For example, I did a story with my son about how he hit another kid who (my son said) he saw hitting a third kid. We did a story about two Jedi (my son loves star wars) who saw a pirate bullying a group of kids, and when I asked my son what the Jedi should so, my son said, “they should cut off his arms because he didn’t listen when they said stop.” I was alarmed, but told him about how bad guys can choose to be good guys, but if you hurt them so bad or kill them (again, he’s fixated on the idea of death right now), then they never get a chance to be a good guy again. It also helps that we did some stories where the good guy becomes bad, or vice versa, to emphasize that people can change. Eventually we settled on, “one Jedi should help the bullied kids get away, and the other should go find an adult to come help.” Then in the story the two Jedi got a special reward for solving the problem without fighting: a plate full of tamagoyaki (my son’s favorite sushi).

My son loves these “story games” so much that on our daily walk to his preschool he asks for a new one, so I have ample opportunity to pick stories related to whatever behavior I want to encourage that day. Kids also pay special attention to true stories from your family, so it helps to know those stories and tell them often, when they have a lesson.

A special kind of story are monster stories. Invent monsters that are directly related to the consequences of their bad actions, and use them as motivation to behave properly. For example, we invented the “pee pee monster.” The pee pee monster comes out from the sewer and night through the toilet, looking for boys who didn’t go pee before bed or aren’t wearing their pull-up, and the monster makes them wet the bed. His pull-up is now “armor” to fight the pee pee monster. We reinforce the pee pee monster with stories about fictional kids who didn’t prepare and experienced the consequences of the monster.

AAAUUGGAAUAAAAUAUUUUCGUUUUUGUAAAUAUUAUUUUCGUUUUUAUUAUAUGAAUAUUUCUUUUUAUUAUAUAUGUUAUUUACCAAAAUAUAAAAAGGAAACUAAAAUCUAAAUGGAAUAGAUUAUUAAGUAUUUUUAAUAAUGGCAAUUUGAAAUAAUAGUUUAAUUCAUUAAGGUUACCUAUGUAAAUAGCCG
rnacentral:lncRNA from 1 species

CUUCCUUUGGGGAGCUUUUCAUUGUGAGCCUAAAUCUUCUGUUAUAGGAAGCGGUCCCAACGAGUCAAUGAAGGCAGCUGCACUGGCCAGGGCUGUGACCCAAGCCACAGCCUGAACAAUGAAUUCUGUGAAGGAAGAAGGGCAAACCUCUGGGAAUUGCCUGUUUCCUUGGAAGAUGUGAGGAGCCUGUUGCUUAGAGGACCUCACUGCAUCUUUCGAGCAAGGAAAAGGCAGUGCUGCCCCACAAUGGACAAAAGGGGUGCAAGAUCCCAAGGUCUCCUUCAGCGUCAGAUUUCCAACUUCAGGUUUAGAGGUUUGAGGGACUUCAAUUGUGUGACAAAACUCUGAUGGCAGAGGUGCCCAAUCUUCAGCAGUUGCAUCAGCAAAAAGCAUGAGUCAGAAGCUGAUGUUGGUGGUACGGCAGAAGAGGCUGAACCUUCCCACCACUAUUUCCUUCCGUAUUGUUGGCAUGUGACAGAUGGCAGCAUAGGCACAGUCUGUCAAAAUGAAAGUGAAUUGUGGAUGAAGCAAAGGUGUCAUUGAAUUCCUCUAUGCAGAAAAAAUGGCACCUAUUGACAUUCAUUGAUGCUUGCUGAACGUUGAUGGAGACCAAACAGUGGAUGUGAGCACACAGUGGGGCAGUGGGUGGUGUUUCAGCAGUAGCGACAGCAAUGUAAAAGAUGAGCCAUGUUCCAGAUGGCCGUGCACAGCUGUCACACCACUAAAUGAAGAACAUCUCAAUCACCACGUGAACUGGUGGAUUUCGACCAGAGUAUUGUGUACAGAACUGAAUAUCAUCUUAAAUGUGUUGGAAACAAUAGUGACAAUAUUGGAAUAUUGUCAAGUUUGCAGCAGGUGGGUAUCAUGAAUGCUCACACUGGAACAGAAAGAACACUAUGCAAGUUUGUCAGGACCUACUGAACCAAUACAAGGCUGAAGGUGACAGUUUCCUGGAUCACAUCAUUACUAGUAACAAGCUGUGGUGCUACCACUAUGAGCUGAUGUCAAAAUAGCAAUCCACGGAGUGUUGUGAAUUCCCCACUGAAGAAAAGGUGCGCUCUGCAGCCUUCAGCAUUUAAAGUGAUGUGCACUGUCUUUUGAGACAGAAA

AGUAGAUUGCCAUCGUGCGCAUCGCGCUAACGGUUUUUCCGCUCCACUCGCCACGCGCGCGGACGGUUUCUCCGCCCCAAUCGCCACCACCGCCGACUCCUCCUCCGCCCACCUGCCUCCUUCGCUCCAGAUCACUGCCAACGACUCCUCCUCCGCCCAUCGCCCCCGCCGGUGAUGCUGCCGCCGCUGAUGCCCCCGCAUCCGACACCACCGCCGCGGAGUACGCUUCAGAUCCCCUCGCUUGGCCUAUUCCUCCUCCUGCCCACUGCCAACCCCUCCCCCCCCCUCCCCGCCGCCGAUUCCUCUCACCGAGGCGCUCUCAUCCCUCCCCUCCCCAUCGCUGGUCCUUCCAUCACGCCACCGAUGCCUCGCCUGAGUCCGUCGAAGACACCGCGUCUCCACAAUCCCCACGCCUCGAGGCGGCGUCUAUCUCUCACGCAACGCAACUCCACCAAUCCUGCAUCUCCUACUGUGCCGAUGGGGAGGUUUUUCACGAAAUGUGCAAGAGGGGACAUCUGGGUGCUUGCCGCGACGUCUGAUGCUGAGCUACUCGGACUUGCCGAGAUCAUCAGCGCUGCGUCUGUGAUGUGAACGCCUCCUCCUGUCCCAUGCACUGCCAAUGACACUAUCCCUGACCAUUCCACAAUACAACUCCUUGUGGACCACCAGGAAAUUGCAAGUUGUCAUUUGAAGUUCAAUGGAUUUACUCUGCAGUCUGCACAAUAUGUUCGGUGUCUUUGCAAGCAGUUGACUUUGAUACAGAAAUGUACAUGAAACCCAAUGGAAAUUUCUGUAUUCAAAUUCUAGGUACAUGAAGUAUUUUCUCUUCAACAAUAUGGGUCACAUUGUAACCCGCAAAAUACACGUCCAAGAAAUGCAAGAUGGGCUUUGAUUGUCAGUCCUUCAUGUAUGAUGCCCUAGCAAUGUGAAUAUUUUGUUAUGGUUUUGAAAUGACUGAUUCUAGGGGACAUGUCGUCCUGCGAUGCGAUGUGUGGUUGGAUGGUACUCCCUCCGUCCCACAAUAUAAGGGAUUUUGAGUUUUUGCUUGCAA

While my kid does occasionally get a little scared of these monsters, it’s not very often, and it seems like a healthy motivation. Instead, he’s usually incredibly curious. “What does the pee pee monster look like?” “Does the pee pee monster get you at night, Mama?” He is attracted to the monsters and listens very closely to my instructions for how to stay safe from them. (3) Then in the evenings before bed I say, “What does a big kid do to protect from the pee pee monster?” (2, 5)

A good monster threat is focused on the direct consequences of a bad behavior. A river monster that will grab them and pull them under water if they get too close figuratively embodies the risk of drowning or being swept away by a rapid current. In some sense, the “ants” that will come to eat the dropped cream cheese are also a monster story.

Where did these tips come from?

I didn’t make these up, but I read a lot of parenting books from pregnancy and childbirth1 through Montessori, RIE, the How to Talk books, etc. While some of the advice seemed like it would be useful for an older kid (or even for adults in my life), trying to put the advice into practice, for me and my 2-to-3-year-old, was ineffective or even counterproductive.